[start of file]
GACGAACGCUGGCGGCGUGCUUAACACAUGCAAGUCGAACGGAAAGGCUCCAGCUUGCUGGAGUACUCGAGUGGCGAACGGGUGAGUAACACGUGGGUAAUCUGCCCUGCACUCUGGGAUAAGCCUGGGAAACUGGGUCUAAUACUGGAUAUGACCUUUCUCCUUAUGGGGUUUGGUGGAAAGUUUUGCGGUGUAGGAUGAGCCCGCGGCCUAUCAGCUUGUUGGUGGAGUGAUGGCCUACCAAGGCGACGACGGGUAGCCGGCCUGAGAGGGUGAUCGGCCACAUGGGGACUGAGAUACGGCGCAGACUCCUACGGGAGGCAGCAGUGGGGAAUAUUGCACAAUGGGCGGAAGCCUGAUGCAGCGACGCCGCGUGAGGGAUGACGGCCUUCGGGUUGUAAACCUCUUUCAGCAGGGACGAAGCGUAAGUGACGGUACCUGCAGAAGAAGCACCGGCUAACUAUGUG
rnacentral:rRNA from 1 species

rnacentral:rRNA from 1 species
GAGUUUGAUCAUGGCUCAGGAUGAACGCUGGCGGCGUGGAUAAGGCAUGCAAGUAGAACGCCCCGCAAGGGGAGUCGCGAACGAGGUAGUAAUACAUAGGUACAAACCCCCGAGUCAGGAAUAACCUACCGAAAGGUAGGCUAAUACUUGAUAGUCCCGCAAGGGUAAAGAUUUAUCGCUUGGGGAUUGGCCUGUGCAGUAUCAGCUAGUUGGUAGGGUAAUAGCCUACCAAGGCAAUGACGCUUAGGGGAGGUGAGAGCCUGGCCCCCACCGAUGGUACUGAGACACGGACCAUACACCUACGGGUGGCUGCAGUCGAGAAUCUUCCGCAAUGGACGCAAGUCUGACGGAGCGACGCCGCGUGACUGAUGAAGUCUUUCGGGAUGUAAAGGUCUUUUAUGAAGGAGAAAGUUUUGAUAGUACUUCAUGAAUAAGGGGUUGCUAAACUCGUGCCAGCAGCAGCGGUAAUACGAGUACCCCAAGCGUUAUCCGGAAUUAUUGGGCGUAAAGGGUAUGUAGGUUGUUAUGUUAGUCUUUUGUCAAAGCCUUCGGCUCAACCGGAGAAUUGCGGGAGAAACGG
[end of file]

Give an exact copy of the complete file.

GACGAACGCUGGCGGCGUGCUUAACACAUGCAAGUCGAACGGAAAGGCUCCAGCUUGCUGGAGUACUCGAGUGGCGAACGGGUGAGUAACACGUGGGUAAUCUGCCCUGCACUCUGGGAUAAGCCUGGGAAACUGGGUCUAAUACUGGAUAUGACCUUUCUCCUUAUGGGGUUUGGUGGAAAGUUUUGCGGUGUAGGAUGAGCCCGCGGCCUAUCAGCUUGUUGGUGGAGUGAUGGCCUACCAAGGCGACGACGGGUAGCCGGCCUGAGAGGGUGAUCGGCCACAUGGGGACUGAGAUACGGCGCAGACUCCUACGGGAGGCAGCAGUGGGGAAUAUUGCACAAUGGGCGGAAGCCUGAUGCAGCGACGCCGCGUGAGGGAUGACGGCCUUCGGGUUGUAAACCUCUUUCAGCAGGGACGAAGCGUAAGUGACGGUACCUGCAGAAGAAGCACCGGCUAACUAUGUG
rnacentral:rRNA from 1 species

rnacentral:rRNA from 1 species
GAGUUUGAUCAUGGCUCAGGAUGAACGCUGGCGGCGUGGAUAAGGCAUGCAAGUAGAACGCCCCGCAAGGGGAGUCGCGAACGAGGUAGUAAUACAUAGGUACAAACCCCCGAGUCAGGAAUAACCUACCGAAAGGUAGGCUAAUACUUGAUAGUCCCGCAAGGGUAAAGAUUUAUCGCUUGGGGAUUGGCCUGUGCAGUAUCAGCUAGUUGGUAGGGUAAUAGCCUACCAAGGCAAUGACGCUUAGGGGAGGUGAGAGCCUGGCCCCCACCGAUGGUACUGAGACACGGACCAUACACCUACGGGUGGCUGCAGUCGAGAAUCUUCCGCAAUGGACGCAAGUCUGACGGAGCGACGCCGCGUGACUGAUGAAGUCUUUCGGGAUGUAAAGGUCUUUUAUGAAGGAGAAAGUUUUGAUAGUACUUCAUGAAUAAGGGGUUGCUAAACUCGUGCCAGCAGCAGCGGUAAUACGAGUACCCCAAGCGUUAUCCGGAAUUAUUGGGCGUAAAGGGUAUGUAGGUUGUUAUGUUAGUCUUUUGUCAAAGCCUUCGGCUCAACCGGAGAAUUGCGGGAGAAACGG